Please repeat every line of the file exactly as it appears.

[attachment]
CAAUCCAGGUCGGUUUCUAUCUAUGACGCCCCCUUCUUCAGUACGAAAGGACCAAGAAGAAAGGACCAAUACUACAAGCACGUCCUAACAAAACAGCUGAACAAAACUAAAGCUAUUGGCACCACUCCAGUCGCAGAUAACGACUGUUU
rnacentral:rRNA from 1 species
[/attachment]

CAAUCCAGGUCGGUUUCUAUCUAUGACGCCCCCUUCUUCAGUACGAAAGGACCAAGAAGAAAGGACCAAUACUACAAGCACGUCCUAACAAAACAGCUGAACAAAACUAAAGCUAUUGGCACCACUCCAGUCGCAGAUAACGACUGUUU
rnacentral:rRNA from 1 species